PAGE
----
Jawando, Riemer announce bill to get rid of police officers in schools

Previously, the Montgomery County School Board requested further research into the issue before making a decision. When this issue was brought before the Montgomery County Council, several members were reluctant to make any changes and tabled the discussion until the Board of Education made recommendations.

Data that is currently available has shown that Black youth are disproportionately arrested at MCPS schools. This correlates with findings nationally.

If you support the removal of police from schools, you should email all of the Councilmembers, as well as the County Executive. Their e-mails are below. If you need a template for what to say, I’ve placed what I sent below as well.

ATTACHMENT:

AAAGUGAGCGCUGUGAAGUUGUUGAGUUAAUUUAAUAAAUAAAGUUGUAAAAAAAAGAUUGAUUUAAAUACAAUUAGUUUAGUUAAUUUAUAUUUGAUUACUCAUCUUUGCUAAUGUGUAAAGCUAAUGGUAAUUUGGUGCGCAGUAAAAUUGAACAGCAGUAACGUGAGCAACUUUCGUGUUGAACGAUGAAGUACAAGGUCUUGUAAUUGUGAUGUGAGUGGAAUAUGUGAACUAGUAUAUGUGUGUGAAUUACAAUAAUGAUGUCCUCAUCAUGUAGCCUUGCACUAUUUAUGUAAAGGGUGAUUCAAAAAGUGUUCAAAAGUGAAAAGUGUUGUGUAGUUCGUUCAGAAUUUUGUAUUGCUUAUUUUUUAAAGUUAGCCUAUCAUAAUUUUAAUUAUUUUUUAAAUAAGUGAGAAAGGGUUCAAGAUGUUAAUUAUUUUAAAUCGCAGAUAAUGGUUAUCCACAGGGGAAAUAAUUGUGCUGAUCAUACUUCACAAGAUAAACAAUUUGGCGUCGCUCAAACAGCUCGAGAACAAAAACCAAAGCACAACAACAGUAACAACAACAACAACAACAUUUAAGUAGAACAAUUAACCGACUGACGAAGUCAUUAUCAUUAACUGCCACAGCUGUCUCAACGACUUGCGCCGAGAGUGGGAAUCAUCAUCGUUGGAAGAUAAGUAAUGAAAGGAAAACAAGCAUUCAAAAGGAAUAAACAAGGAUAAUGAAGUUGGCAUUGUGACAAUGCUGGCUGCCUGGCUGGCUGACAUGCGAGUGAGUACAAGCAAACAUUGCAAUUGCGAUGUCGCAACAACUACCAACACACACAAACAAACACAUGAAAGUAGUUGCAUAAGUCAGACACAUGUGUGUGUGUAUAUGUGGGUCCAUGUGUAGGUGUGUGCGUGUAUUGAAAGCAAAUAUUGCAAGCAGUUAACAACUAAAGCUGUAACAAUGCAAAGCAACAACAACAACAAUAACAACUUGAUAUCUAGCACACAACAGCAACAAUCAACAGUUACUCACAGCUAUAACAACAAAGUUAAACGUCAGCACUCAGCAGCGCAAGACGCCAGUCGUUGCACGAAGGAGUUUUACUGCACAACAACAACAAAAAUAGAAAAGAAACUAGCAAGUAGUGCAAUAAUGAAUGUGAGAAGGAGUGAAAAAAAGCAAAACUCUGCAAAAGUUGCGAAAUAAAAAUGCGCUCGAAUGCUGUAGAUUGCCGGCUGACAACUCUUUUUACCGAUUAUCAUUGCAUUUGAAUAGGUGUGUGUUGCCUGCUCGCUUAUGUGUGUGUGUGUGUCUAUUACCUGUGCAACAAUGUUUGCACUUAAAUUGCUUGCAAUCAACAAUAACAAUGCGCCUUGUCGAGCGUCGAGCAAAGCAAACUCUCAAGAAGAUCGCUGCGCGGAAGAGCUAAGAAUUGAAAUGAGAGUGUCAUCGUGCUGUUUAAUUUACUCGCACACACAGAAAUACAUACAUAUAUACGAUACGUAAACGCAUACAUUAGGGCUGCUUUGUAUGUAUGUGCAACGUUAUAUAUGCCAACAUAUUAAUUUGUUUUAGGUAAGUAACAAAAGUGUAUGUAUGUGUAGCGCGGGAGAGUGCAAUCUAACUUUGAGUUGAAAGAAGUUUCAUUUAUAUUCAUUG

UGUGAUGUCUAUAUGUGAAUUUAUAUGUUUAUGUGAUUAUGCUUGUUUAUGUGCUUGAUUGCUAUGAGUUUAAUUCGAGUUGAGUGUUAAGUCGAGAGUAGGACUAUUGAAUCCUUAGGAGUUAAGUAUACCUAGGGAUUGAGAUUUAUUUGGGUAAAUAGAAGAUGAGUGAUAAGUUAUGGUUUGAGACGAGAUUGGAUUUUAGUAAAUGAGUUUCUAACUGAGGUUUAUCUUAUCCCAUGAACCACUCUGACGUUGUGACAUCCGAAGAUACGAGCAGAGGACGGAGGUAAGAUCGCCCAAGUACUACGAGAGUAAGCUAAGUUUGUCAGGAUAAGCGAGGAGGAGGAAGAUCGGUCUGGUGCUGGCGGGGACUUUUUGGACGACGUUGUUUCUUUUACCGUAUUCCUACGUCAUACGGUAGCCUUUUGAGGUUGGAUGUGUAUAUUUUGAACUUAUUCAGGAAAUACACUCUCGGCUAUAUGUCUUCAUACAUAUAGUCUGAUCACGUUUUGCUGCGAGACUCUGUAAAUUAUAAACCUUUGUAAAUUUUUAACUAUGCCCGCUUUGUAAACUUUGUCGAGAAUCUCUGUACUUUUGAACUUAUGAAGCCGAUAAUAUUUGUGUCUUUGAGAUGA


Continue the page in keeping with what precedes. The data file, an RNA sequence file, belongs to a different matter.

TO: marc.elrich@montgomerycountymd.gov, councilmember.glass@montgomerycountymd.gov, councilmember.hucker@montgomerycountymd.gov, Councilmember.Albornoz@montgomerycountymd.gov, councilmember.riemer@montgomerycountymd.gov, Councilmember.Friedson@montgomerycountymd.gov, Councilmember.Jawando@montgomerycountymd.gov, councilmember.rice@montgomerycountymd.gov, councilmember.katz@montgomerycountymd.gov, councilmember.navarro@montgomerycountymd.gov

BODY:

Dear County Executive Elrich, Council President Katz, and members of the County Council,

My name is Vito Anastasia and I live in Bethesda. I’ve lived in Montgomery County for the past five years and have decided to make it my home. In the past few years I’ve been an active member of the local queer community, a member of the LGBTQ Democrats of Montgomery County, and have started MoCo Local as a passion project.

I write to you today to ask that you abolish School Resource Officers from Montgomery County Public Schools. Councilmember Jawando and Councilmember Riemer will be introducing legislation to do just that and I urge you to support it.